The seminar will be exciting for me in another way. We’re going to do a print on demand “early access” run for the book, so that we can give one to each attendee. To date, our editing has been in Google Docs, and it’s hard to envision what it will look like in print. We will have an eBook version as well, of course, but I’ve seen those. I will be thrilled to get my hand on a print copy.

We have an active group of reviewers. Google Docs added a commenting feature recently, which allows us to give commenting permission (but not editing permission) as a sharing option. With this, our reviewers can add comments to the document. They can also actually see us editing (cursor moving, backspacing, rewriting sentences)! It’s a fun way to write a book.

So, when will it be done? Well, that’s a good question, one my family, business partner, and employees ask often. We expect it to be done later this year. But what I typically tell people is that it will be done when Bruce says it’s done. (That’s a compliment, Bruce. I really do trust your judgment on this!)

You can learn more about the book and upcoming seminars from our book website.

Ann Arbor Scala Enthusiasts: meeting is ON!

Have you wondered what all of the fuss is about with Scala? Or are you already sold and just want to hang out with like-minded folks?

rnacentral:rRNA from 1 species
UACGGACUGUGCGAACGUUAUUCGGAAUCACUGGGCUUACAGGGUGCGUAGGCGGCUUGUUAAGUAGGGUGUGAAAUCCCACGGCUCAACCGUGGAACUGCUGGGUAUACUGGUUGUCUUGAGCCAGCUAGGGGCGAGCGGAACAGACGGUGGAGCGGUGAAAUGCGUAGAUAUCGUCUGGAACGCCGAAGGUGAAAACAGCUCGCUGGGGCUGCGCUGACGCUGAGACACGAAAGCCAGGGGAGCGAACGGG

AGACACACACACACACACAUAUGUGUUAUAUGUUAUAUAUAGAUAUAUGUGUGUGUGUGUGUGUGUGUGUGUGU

Join us for an organizational meeting for this new user group as well as an open discussion on “Why Scala?”.

The meeting will start at 6 pm on Wednesday, August 15, at SRT Solutions. Everyone is welcome — the meeting is free and open to the public.

We’ll have some ceasar salad and cold sandwiches as well as some cookies. Feel free to bring something else if you like. I’m looking forward to it!

SRT Solutions is located at 206 S. Fifth Avenue, Suite 200, Ann Arbor, MI 48104. The closest parking structures are at 4th & Washington or 5th & Liberty. Street parking (metered spots) is free after 6, if you can find a space.

Ann Arbor Scala Enthusiasts to meet August 15 at SRT Solutions

A week ago I posted to see if there was interest in a new developer group in Ann Arbor, dedicated to the Scala programming language. It appears that there is indeed interest, both from attendees and potential speakers.

We will meet at 6 pm on August 15 at SRT Solutions for an organizational meeting and for an open discussion on “Why Scala?”. Regular meetings will be held on the 3rd Wednesday of each month, starting with September. It would be great if we had a schedule for talks or workshops (depending on what folks want) by the time we leave the August meeting.

Join us! The meetings will be free and open to the public. We’ll take a donation for food starting in September.

FYI: Scala is a general purpose language on the Java Virtual Machine. Combining functional and object oriented programming, Scala offers powerful expression that allows developers to focus on solving problems with software rather than being distracted by boilerplate code. Particularly with recent announcements that features expected in Java in 2013 are being pushed back, languages such as Scala are attractive alternatives.

SRT Solutions is located at 206 S. Fifth Avenue, Suite 200 in downtown Ann Arbor. The office is at the corner of Fifth and Washington, with the entrance from Fifth. Take the elevator or stairs to the 2nd floor. Nearest parking structures are at Fourth & Washington or Fifth & Liberty.